Covid-19 Cancels Nonprofits’ Fundraising Season
The Minnesota nonprofit community is facing an existential threat from factors related to the Covid-19 pandemic and resulting shutdowns and social distancing mandates. For health and human service providers, demand for services is soaring. For educators, moving to distance learning formats while schools are closed is a disruptive conversion. For the cultural community, performance and exhibition cancellations mean not only revenue loss, but also unfulfilled missions to gather, engage, and inspire the public.
An extra challenge: Fundraising. When so many people are struggling with layoffs, furloughs, loss of freelance work, or shutting down their own businesses, or watching their investment portfolios tank, it’s not easy to ask them for money.
To add insult to injury, the spring is gala season in Minnesota. As the robins return, so do the invitations for celebrations, gatherings, and events that raise millions of dollars for Minnesota nonprofits. With the “stay at home” and “no gatherings of more than 10 people” dictums that were ordered in March, event cancellations and postponements came pouring in, lighting up social media with distress and worry about organizations’ financial futures.
The gala picture is particularly bleak. Many nonprofits’ core revenue sources are restricted to specific activities, in specific places, with specific measurable outcomes mandated by their funders. Nonprofits often operate on slim margins of unrestricted money—funds that they can deploy for critical capacity-building or use to invest in opportunities. Unrestricted income allows nonprofits to control their destiny and empowers leaders to make the necessary choices as they see them, not as a funder requires.
So it’s particularly disheartening to see a wide cross-section of Minnesota nonprofits canceling their annual or biennial events that bring in unrestricted dollars. TCB collected some examples, and the list easily could be three times as long:
- Project Success cancelled its annual breakfast, Dreams to Action, that typically raises more than $500,000 in unrestricted income for the organization that serves 16,000 youths primarily in Minneapolis Public Schools.
- Aeon, which builds and preserves affordable housing, cancelled its Beyond Bricks and Mortar event that brings in more than $500,000 in unrestricted income.
- The Constellation Fund postponed its first-ever Bright Night benefit organized to raise dollars and awareness of the fund’s progress.
- The Freshwater Foundation has postponed its Ice Out, Loon In event, which serves as a major element of the year’s income stream, typically bringing in about $60,000.
- The Autism Society’s annual awareness-building and fundraising campaign takes place in April, which is Autism Awareness Month. Cancellation of many activities will challenge the society’s ability to serve a growing population.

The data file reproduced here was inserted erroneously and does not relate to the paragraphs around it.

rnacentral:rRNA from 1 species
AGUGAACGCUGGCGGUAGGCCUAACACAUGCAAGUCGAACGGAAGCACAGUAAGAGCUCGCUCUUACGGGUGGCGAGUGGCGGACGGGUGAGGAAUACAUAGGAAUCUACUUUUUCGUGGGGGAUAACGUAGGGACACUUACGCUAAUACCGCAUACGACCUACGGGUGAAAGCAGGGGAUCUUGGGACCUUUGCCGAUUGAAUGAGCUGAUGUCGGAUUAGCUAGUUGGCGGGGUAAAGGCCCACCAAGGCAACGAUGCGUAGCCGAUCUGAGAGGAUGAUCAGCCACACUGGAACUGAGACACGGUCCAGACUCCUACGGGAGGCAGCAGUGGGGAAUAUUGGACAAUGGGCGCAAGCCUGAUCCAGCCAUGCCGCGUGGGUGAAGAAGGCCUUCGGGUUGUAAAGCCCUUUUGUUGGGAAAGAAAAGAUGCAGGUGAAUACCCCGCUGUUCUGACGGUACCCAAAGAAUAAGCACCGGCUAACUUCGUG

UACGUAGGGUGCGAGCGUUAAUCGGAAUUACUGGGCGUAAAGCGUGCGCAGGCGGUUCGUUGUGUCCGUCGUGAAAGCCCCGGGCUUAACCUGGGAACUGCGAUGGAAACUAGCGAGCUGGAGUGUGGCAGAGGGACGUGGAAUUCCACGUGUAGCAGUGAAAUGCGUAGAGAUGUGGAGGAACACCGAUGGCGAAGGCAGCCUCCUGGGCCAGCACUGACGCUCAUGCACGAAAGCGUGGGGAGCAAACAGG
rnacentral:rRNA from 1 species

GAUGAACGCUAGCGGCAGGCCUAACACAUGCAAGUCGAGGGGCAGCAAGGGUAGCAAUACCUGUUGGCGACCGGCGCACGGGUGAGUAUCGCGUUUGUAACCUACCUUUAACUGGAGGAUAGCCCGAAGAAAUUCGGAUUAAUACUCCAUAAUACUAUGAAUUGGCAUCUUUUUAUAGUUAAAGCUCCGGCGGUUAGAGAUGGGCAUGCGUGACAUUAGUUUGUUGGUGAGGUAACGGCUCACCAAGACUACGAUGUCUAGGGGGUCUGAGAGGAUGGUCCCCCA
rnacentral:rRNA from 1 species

- In two key events in the arts community, VocalEssence, the prominent choral organization, has postponed its popular gala, pushing any revenue into the next fiscal year, and choral group Cantus cancelled its 25th anniversary concert and gala that had been planned for more than a year.
There is another “event factor” worth considering. Fundraisers are social by nature. They require teams of volunteers, bringing people together to serve a common purpose. They are social not only as occasions, but as activities that help organizations share and amplify their mission and their passion among caring volunteers and event attendees. Galas and events build both financial and social capital. As challenging as a loss of event income may be, there is also the loss of human connection that helps strengthen community commitment to the nonprofit sector and to the causes that are close to lives and hearts.
What to do? Some nonprofits are working to move their events online. Others have postponed their events until fall or later in the year, when they hope the pandemic will have waned. Others are still deciding what to do, since events can be a major effort and human resources already are strained.
Meanwhile, in many cases, event tickets have been sold, sponsorships collected, caterers booked, and event space rented. The ripple effect of cancellation and postponement will be felt across many sectors. Undoing events can be as, or more, complicated, than the planning.
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There are easy ways for supporters to help. Continue to contribute to the charities most important to you as generously as you can. If you’ve already bought an event ticket, instead of taking a refund or waiting until the postponed date, donate the cost to the organization. If you’re an event sponsor, consider ways to let the nonprofit keep your financial support even if the event is cancelled. If you rent space or cater, consider how you can release nonprofits from contracts or help them reschedule and rebuild as the pandemic wanes.
Another thing that could help? Celebrate at home and send a check anyway. Consider making calls and sending emails to let your favorite charities know you are thinking about them. Ask what you can do. And remember, small donations add up.
Minnesota’s nonprofit sector provides 13 percent of all jobs in our state. Supporting nonprofits makes sense—for our economy, for our community, and for the future—as we rebuild together.
Sarah Lutman is a St. Paul-based independent consultant and writer for clients in the cultural, media, and philanthropic sectors.